My family and friends are scattered over several continents and multiple marriages. People gather from their disparate lives for weddings, funerals and parties. I photograph these rites of passage, and smaller occasions.
The photographs replace snapshots with something flawed, layered and less resolved. The pieces depict a fairly privileged life within which family, friends, and connections are nevertheless evanescent. They are, in a way, memorials.
The images are composites, false panoramas created by incomplete frame advances and accidental double exposures. The individual exposures are made rather casually. The overlaps and sequencing are mostly unplanned and unforeseeable, juxtaposing incidents, conversations, and scenes that occurred at different times and sometimes in different spaces.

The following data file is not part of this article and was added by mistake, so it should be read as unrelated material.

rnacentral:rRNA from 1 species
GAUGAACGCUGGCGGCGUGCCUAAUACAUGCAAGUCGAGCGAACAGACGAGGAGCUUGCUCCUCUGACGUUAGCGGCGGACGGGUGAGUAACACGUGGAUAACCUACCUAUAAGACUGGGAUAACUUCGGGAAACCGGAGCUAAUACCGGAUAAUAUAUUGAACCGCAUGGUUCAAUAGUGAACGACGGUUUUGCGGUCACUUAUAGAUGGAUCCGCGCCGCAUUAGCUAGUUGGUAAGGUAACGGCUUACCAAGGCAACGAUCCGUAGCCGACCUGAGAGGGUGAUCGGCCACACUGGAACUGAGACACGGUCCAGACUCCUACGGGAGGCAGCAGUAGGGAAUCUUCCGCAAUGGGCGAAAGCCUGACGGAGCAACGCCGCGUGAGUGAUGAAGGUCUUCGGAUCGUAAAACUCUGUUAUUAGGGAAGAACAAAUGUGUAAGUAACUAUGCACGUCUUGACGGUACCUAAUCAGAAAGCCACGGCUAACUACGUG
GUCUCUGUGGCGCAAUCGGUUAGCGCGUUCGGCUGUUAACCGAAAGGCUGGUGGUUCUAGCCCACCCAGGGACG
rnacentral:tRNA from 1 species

I use toy cameras, medium-format Holgas, with plastic or vintage lenses. Each frame falls away at the edges, so the overlap of one frame on the next blends across the join. I pick out a contiguous section of a strip of film to print with either Platinum/Palladium or Gold-toned Van Dyke processes. I use these hand-coated methods for their soft-toned rendering and permanence, appropriate to memorials but not to memories.